This bivalent trope clearly has limitations, then, as an organizing structure around which to build discussion about future legal regulation of access to traditional knowledge. Not the least of the trope's limitations is that discussion organized around it will not escape the "force field" of the author/inventor figure that has long exerted such a powerful influence over discussion of rights in information. To figure information -- including traditional knowledge -- as not having been created by anyone at all and thus not susceptible of ownership is simply to invert the trope of authorship.

The notion that information is "free," a "public good" like air and water, which one ought to be able to draw upon at will, also gives rise to a powerful counter- metaphor, the so-called "tragedy of the commons" -- invoked to justify reducing commonly owned (or unowned) things to the status of property. The trope became popular in environmental literature during the 1960s, where it was argued that since one only takes care of things one owns, resources held in common -- unowned and unprotected by anyone -- are (inexorably) doomed to be over-exploited.(28) Although the utility of the "tragedy of the commons" metaphor has been extensively questioned in scientific and economic literature,(29) it appears to be achieving new currency in the law -- including intellectual property law -- where it functions as an easy-to-grasp and poignant shorthand for the larger neoclassical economic principle that, to quote Neil Netanel, "private entitlements can best promote allocative efficiency when would-be users must pay the price agreed upon by the entitlement holder in a voluntary exchange."(30)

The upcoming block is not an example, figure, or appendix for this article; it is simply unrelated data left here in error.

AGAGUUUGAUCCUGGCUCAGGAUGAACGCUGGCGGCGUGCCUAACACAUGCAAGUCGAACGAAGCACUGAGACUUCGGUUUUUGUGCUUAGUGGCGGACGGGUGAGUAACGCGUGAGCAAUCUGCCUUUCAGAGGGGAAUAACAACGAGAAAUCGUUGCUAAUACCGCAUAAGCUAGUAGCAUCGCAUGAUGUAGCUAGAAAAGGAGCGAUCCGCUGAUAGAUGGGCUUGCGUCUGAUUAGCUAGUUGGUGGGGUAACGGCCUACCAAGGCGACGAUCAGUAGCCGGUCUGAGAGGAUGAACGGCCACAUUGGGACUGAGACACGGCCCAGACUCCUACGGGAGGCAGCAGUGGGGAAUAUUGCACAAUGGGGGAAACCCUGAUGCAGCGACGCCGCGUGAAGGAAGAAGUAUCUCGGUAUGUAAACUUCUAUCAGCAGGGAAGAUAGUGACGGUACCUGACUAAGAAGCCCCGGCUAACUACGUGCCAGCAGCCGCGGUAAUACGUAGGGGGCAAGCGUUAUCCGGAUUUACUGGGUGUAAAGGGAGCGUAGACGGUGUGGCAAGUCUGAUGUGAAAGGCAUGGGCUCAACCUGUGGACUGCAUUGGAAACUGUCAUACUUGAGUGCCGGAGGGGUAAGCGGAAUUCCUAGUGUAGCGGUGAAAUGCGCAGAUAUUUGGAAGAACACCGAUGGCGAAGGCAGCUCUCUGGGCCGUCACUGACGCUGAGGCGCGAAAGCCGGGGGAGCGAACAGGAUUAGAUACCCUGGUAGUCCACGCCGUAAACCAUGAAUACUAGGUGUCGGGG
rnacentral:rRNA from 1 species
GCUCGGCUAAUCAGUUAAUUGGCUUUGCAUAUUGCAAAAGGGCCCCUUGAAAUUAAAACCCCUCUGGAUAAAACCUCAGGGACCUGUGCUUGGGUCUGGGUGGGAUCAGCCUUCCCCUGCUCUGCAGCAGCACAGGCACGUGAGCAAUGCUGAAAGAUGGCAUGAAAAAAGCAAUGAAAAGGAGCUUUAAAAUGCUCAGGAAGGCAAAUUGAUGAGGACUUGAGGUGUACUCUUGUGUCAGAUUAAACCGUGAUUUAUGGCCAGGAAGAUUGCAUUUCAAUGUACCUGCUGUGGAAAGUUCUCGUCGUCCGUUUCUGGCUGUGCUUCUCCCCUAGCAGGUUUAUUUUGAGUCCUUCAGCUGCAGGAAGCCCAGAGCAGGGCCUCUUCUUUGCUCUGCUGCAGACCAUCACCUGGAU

Like its mirror image, the trope of "free" information, this trope too is bivalent. Just recently it was successfully invoked by large corporate copyright owners to argue for a twenty year extension of the term of copyright -- the Sonny Bono Copyright Term Extension Act of 1998. In the congressional testimony of Disney, Time-Warner, etc. the "public domain" -- a commons resulting from the expiration of limited terms of protection in copyrighted works -- was consistently figured as a kind of informational dumping ground, littered with abandoned movies, songs, and the like that, because no owner had an economic motivation to bring them to market, were in practice unavailable for public use.(31) Yet the trope is also being mobilized in defense of what might be viewed as progressive objectives. Thus, one writer has recently invoked it to argue for new legal norms to promote the preservation of cultural heritage by discouraging the black market in stolen artifacts.(32) More emphatically -- and more controversially -- Joseph Henry Vogel has argued from the "tragedy of the commons" that the best hope for the preservation of biodiversity lies in the creation of a comprehensive scheme of intellectual property rights, modelled on existing patent and copyright regimes, in "genetic information." However, his advocacy of this market model gives cause for suspicion. Among his "Ten Principles for Conserving Genetic Information" is this one: "Endorse legislation giving equal protection to artifical and natural information [and] at the same time attenuate the ability to alienate the new property rights"(33) -- that is, endow indigenous communities with rights in their bioknowledge, but restrict their freedom to commercialize their new property. This extraordinary qualification reflects Vogel's doubt that indigenous peoples will be able to enact their part as rational profit maximizers in his scheme of conservation-by-priviatization, and indeed his doubt may be well placed. The relationship of the bearers of cultural traditions to their traditions is surely more complex.